The global pandemic has changed the way goods are made, sold and purchased, creating global supply chain problems that persist to this day. New cars can no longer be obtained just by visiting the nearest dealer – in all but the rarest of circumstances, they must be ordered months in advance. Peanut butter and baby formula are just a few of the everyday consumables that have been hampered by widespread shortages in recent months.
Just like consumers, businesses have been affected by these recent dynamics and are looking for better answers. As of 2020, when the pandemic was new and businesses were most fearful, approximately 75% said they planned to build factories closer to where their customers are located.
This makes sense on paper – after all, the CHIPS Act was signed into law on the need to bring strategic semiconductor manufacturing back to the United States, which has been at the heart of the automobile shortages. But can – and more importantly, should – all businesses, across all industries, do the same? Will local manufacturing solve their current and future problems? Let’s take a closer look at what this really means and what enterprises need before their next move.
Let data power your competitive advantage
Organizations initially offshored their manufacturing operations with limited information compared to what’s available today. The initial wave in the 1970s was driven largely by lower labor costs in developing markets. In more recent years, with Americans focusing more heavily on knowledge work, businesses may have found it difficult to kickstart manufacturing operations locally without a significant capital investment. Talent shortages already exist for current manufacturers, and according to a report by Deloitte, there could be 2.1 million unfilled U.S. manufacturing jobs by 2030. Given this, it may be hard for businesses to initiate reshoring plans with confidence.
But no issue is as simple as it seems on the surface. The Suez Canal blockage was a warning shot for how bad things could get, but it's far from the only challenge. Another, comparable incident could further escalate price pressures and eviscerate revenue opportunities. To keep up with a world that is dealing with constant crisis and disruption, businesses need to be able to blend multiple data sources and run scenario planning. This is a huge asset in the quest for certainty and may prove to be the catalyst for bringing manufacturing back to the U.S. while incorporating real-world data and synthetic data for what-if scenarios could make the case for onshoring.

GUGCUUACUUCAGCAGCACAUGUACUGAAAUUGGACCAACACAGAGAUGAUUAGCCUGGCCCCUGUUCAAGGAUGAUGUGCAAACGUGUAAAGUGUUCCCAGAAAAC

Actionable insights are critical
In a global economy, businesses mainly rely on a complex and often fixed set of third-party suppliers, a system that works quite well when things are going as planned. The last few years have highlighted what happens when they don’t – and without the necessary data to make quick changes, many businesses struggled to fulfill customer expectations.
And although the supply chain problems over the past few years have subsided, there are concerns that new ones will continue in 2023. A report by KPMG shows that nearly three-fourths (71%) of global companies believe that raw material costs will be their number-one supply chain threat this year. Talent acquisition could also remain a problem within the supply chain. According to American Trucking Associations, there will be a shortage of nearly 100,000 truck drivers in 2023 – and more than 160,000 by 2030. Manufacturers may struggle to acquire new talent as well, with the aforementioned Deloitte report noting that U.S. manufacturing execs feel it is now 36% harder to recruit talent than it was in 2018.
Instead of making inferences (ex: assuming that everything current is forever the new normal) based on a catalyst (ex: COVID-19), businesses should build in strategic flexibility based on data to reveal demand forecasts that pinpoint exactly when stockouts happen, and where fluctuating inventory costs might occur. No organization can prepare for these and other “what if?” scenarios – nor would they be able to plan for demand volatility and constraints around suppliers or materials – without actionable insights.
Future actions should be guided by data
Contrary to popular belief, local manufacturing still exists – but while it used to be the norm, it is now often the exception. For every automobile or snack food produced within the United States, there are hundreds of products – from electronics and cookware to tools, diapers, storage units and beyond – that are produced overseas.
Locally made goods are now pieced together using an assortment of materials from around the world. By first chasing a better price through offshoring whenever possible, and by turning to Just-In-Time inventory to reduce warehousing expenses, organizations were able to transform into leaner operations. But now they need to transform once more, and the degree to which that transformation will take place should be entirely guided by data.